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Tis the see the vet!!

Ho Ho Ho!

A quick refresher of common holiday hazards .... and some interesting statistics.

The pet insurance company Trupanion recently gave us a couple of their internal holiday statistics (I found them interesting):

  • Trupanion sees a 10% increase in foreign body ingestion claims during the holidays

  • Trupanion sees 24% more toxicity claims in December.

Things not to eat....

  • Chocolate: the higher the %cocoa the more toxic; ie baking chocolate is more poisonous than a kit kat bar

  • Raisins (or grapes): kidney injury

  • Macadamia nuts: neurological symptoms (eg. "acting drunk"), weakness

  • Poinsettias, mistletoe, holly: digestive upset

  • Snow Globes: these can contain ethylene glycol (antifreeze) which can cause kidney failure

  • Alcoholic beverages

  • Cannabis: can be lethal to pets, especially in edible products and oils

  • Tinsel, Ribbons, Strings = foreign bodies, especially cats

  • Strings of lights: electrocution

  • Fatty foods like gravy: can cause pancreatitis, especially in small dogs

Christmas trees are exciting and can easily be knocked over by climbing cats and excited dogs. Please secure your tree well.

Ornaments can easily be broken and cause cuts. One case that has been seen by myself and multiple other vets: those hand-made ornaments made with small marshmallows and many, many, small pins (often sent home from school with children).... well, dogs eat them because they are made of marshmallows... and then they have a belly full of 100+ small pins. So, tell your child how much you adore it, and then put it somewhere very, very safe.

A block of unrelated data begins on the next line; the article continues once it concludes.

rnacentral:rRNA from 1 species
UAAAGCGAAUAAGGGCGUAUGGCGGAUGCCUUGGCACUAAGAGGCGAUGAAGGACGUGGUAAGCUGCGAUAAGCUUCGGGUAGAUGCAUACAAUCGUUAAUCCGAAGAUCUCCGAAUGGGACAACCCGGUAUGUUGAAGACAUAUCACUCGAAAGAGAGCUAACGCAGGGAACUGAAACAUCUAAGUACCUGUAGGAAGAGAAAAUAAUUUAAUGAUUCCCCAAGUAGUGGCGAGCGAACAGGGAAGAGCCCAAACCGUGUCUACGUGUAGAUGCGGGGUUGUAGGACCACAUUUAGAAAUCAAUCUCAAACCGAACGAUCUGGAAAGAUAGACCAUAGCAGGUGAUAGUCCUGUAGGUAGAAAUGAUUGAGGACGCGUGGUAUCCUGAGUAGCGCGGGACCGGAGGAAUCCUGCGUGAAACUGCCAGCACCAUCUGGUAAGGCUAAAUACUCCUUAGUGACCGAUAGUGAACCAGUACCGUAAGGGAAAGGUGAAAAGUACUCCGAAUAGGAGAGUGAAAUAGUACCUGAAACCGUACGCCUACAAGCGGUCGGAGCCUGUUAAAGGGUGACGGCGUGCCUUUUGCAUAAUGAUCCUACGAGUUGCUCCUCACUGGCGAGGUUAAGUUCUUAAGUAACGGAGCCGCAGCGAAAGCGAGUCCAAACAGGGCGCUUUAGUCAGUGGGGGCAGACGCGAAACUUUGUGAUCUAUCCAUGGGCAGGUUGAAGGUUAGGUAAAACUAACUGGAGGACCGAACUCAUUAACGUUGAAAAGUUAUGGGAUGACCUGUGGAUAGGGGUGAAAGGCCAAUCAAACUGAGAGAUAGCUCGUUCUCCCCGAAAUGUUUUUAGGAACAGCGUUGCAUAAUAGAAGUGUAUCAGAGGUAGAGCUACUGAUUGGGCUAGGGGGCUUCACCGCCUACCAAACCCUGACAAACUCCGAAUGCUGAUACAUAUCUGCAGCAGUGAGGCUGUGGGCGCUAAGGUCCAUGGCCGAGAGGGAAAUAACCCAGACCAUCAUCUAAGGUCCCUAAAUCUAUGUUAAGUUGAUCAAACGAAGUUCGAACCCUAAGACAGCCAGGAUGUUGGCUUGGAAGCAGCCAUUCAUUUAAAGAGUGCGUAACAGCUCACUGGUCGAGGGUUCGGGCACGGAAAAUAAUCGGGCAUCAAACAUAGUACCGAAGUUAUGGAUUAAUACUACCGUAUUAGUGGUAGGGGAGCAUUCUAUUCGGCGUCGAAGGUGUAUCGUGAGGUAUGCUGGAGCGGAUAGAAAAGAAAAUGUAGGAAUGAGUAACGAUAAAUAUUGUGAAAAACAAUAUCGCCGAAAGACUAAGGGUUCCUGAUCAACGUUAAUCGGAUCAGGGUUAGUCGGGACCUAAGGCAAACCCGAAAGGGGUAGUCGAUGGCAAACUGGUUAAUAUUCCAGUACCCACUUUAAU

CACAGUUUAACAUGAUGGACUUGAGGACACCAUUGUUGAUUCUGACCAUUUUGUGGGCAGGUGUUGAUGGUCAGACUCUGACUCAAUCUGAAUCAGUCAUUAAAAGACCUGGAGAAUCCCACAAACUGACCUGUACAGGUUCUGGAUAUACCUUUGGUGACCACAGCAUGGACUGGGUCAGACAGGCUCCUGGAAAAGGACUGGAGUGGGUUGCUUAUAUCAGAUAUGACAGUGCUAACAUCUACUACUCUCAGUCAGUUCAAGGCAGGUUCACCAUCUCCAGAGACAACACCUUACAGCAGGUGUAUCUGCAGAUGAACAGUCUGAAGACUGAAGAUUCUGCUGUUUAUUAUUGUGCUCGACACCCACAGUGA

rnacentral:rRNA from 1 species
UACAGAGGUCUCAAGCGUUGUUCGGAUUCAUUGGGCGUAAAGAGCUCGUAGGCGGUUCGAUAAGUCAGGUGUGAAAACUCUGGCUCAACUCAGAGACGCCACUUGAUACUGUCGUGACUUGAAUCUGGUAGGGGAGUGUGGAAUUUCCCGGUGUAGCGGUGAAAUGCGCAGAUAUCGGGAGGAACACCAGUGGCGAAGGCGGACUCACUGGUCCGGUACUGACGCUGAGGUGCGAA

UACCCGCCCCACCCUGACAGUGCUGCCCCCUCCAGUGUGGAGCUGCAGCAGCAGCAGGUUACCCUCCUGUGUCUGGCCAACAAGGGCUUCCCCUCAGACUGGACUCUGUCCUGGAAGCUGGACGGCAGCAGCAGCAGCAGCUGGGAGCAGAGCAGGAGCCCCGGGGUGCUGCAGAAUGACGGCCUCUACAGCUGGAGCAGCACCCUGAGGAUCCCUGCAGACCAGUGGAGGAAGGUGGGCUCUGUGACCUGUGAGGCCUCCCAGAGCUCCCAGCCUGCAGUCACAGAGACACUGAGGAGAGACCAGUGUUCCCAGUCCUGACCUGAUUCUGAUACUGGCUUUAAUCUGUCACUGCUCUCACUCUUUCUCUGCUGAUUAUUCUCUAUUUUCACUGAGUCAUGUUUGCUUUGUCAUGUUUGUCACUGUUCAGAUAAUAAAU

Candles are beautiful, but pets can easily knock them over and cause fires. Check out some really funky new LED lights that look like flames (my husband became mildly obsessed with these at Halloween; I admit, I have to look close to realize it is a light bulb and not a flame). You can buy them on Amazon.

Stress. I know, I know, I think my pets have the life of Riley, but in all fairness, they don't like company (especially my one cat). Lots of visitors, loud noises & voices, travel, children, other animals visiting, and changes in routine can be very upsetting for pets. Try to keep their lives as consistent as possible, and consider using anti-anxiety products if you know your pet is easily stressed. We do have several anti-anxiety supplements, pheromones, diets, and pharmaceutical agents suitable for pets available here at Pine Ridge Veterinary Clinic.

Have a FUN & SAFE holiday season with your pets!!

Dr. Karen McKenzie & All of us at Pine Ridge Veterinary Clinic

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